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Collaborative thinking

Taff Farrell the Lead on Operational Excellence and Continuous Improvement at VINCI explains why their new white paper on Collaboration in FM can help practitioners put the ideals into practice

Collaboration within FM has long been recognised as an important way to enhance service delivery and improve performance. However, recent research carried out by VINCI Facilities amongst senior practitioners and leaders associated with facilities management and the built environment found that only 15 per cent had actually implemented a comprehensive framework or strategy for collaboration. The data, which formed part of a wider look at four key issues: collaboration, wellbeing, climate change and asset management, concluded that despite incredibly positive ambitions to achieve improvements in all these areas, the FM sector has been slow in implementing clear-cut strategic actions.

To help address these shortfalls, VINCI has published the first of four White Papers, Collaboration in Facilities Management(i), looking at how to achieve gold-standard collaboration in facilities management.

Explaining the thinking behind the White Paper, Taff Farrell the lead on Operational Excellence and Continuous Improvement for VINCI explains: “I’d done some work on collaboration, and what I thought was, ‘we talk about collaboration, but do we really do it?’ And I concluded that’s probably a great question for the foundation of the white paper.

“We aim to reach the broadest church we can, with our greatest goal to influence how the built environment operates, its people, the supply chain and key policy makers, to create value. As an industry we want to help change the way we do things so that it works for everyone. We believe there’s room for collaboration in everything we do, upwards, downwards and sideways.”

Nearly 84 per cent of respondents who were asked whether their organisations were committed to collaboration said yes, but many were unable to demonstrate collaborative working in practice. One of the major sticking points it emerged was a lack of understanding of what collaboration actually means.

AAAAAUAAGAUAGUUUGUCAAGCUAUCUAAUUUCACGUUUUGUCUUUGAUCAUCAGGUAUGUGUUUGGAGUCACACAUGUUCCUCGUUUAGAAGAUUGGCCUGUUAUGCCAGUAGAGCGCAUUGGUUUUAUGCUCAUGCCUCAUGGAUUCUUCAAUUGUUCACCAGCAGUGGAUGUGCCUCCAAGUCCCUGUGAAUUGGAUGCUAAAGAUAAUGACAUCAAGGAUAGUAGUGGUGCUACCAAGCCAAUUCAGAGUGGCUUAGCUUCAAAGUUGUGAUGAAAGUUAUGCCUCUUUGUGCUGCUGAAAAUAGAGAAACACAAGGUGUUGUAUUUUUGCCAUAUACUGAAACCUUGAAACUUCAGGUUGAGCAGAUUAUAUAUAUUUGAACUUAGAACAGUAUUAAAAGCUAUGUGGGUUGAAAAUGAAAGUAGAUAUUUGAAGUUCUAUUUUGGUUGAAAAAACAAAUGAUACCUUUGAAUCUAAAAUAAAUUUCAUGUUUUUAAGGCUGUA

Says Farrell: “The loose sense of many respondents was that ‘we collaborate because we work together’. We wanted to dig away at that and come up with not just a definition of what it is, but the practices that go along with collaboration. It’s often seen as a soft skill, but actual real collaboration is hard, and it’s got teeth.

“There are frameworks of course, most particularly the ISO standard [ISO 44001](ii) around collaboration and the usual contractual measures such as KPIs and SLAs, but for me I think collaboration is probably somewhere in the middle. This reflects ways of working together when things are going well, and acknowledging that when there is issue what that will look like. Good collaboration requires open honest feedback, and something we refer to as ‘a positive challenge’.”

The survey also asked, ‘when people say they work collaboratively, what partners did they have in mind?’ According to the results, a huge majority (94 per cent) said they worked collaboratively with colleagues and stakeholders within their own organisation, with 74 per cent including customers and end users in this equation.

Advises Farrell: “Collaboration is a much wider piece and should concentrate on the multitude of supplier’s organisations in a particular project or environment. Traditionally, if you think about partnering with customers, it’s that dual party idea, but when organisations sublet so much work, into the supply chain or other delivery partners alongside them, collaboration is about looking at ways to get the best out of that.”

About Sarah OBeirne

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